The rabbi wept as we sat in the cupola, watching the end of a gorgeous tropical sunset. He sat with his back to the sun. Ruth and I were across from him. Ruth looked at me; I shrugged. The Finches, Tom and Edith, were downstairs, making supper. We could hear kitchen sounds and cheerful voices below.
"You see," the rabbi said, "I'm weeping. Like a child."
"Don't worry about it," I said. "It's fine." The sun was gone now, and the wind was whipping through the screens. It had been a perfect day, but it was January, and the night would be chilly. It was our last day on the island. I stole a look downward and was pleased to see the contrast between my beige sweater and the dark skin of my hand.
"Why don't you talk about it?" Ruth said. "Maybe it would make you feel better."
"I feel so ashamed, sobbing in front of people I don't know." He lifted his heavy black-rimmed glasses and wiped his eyes. "What can you think of me?"
I opened my mouth, then closed it. The wind whipped without ceasing. Across the bay, a single star flickered in the dark blue over the last red strip of horizon. Ruth was staring at her nails, probably thinking the same things I was thinking. We had come down to her uncle's place for the sun. The first few days had been precariously fair, warm when the sun was out but cold when it went behind clouds. Now, at last, the weather was breaking. And we were leaving. The Finches had just arrived, yesterday, to open up their house. The rabbi had come with them, for a week's visit.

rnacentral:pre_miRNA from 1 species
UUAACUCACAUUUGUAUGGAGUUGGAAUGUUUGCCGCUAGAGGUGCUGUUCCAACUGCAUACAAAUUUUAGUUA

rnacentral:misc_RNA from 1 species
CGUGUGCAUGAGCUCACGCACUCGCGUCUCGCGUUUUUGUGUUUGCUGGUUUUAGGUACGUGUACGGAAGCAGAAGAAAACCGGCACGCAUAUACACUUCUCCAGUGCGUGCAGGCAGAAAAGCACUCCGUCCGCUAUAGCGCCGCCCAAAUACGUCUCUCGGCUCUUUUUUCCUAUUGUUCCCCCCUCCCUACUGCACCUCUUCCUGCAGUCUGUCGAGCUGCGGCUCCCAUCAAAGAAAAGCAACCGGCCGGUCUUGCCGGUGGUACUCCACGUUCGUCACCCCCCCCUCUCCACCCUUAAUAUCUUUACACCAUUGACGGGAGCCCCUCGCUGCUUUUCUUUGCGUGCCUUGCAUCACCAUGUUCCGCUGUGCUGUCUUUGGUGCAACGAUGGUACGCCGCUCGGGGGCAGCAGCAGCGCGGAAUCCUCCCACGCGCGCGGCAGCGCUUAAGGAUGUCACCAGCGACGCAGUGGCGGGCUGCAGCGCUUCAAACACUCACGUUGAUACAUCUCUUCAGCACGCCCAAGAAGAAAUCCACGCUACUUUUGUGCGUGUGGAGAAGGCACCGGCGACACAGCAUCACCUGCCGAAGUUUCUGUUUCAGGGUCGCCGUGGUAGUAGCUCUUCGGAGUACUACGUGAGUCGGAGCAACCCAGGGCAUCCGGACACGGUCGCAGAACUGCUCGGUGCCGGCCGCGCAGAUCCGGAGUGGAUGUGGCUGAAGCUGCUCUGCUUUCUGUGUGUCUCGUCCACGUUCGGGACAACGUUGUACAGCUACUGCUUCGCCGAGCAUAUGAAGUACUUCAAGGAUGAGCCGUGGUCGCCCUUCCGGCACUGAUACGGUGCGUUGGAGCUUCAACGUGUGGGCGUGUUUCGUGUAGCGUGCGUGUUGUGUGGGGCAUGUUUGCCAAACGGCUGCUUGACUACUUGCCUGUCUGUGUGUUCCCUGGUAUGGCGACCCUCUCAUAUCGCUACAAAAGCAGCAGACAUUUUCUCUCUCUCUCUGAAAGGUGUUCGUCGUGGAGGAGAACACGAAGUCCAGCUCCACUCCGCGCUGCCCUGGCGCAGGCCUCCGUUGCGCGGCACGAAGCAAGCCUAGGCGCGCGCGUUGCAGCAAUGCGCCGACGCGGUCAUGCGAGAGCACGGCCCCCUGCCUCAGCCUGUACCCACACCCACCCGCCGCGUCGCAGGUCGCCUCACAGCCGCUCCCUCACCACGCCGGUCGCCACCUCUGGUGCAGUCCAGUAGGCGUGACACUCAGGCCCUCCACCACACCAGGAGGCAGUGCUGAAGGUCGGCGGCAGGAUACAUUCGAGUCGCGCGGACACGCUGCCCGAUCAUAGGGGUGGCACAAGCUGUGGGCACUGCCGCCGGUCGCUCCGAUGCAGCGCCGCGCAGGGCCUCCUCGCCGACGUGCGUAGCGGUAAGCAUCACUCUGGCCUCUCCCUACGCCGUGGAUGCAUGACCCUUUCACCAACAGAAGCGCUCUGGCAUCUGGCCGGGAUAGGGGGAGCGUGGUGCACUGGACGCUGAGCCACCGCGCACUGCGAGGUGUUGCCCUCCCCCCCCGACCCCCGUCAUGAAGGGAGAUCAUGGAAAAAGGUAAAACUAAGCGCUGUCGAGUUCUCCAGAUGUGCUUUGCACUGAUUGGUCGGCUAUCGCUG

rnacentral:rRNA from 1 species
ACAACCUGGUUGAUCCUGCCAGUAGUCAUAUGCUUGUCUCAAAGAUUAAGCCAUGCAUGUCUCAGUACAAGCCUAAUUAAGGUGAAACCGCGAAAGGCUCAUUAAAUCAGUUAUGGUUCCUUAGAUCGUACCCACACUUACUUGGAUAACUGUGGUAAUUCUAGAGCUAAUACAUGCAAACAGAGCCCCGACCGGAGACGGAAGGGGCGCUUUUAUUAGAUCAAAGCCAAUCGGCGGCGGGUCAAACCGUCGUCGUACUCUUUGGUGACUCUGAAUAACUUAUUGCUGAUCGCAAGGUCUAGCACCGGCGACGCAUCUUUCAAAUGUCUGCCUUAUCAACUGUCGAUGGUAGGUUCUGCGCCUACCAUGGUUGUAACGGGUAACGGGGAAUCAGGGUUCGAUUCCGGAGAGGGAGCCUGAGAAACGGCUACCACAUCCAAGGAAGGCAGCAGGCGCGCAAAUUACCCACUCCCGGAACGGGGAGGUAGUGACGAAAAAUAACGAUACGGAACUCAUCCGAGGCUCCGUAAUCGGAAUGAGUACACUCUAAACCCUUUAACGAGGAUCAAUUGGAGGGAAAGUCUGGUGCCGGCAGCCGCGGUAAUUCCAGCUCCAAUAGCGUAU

Tom came up the stairs, grinning. He had a face like a leprechaun, and big, white teeth. "What can I get you folks to drink?" he said.
There was a silence; Ruth and I deferred to the rabbi.
"Bernie?" Tom said. "How 'bout a nice vodka tonic? Set you right up."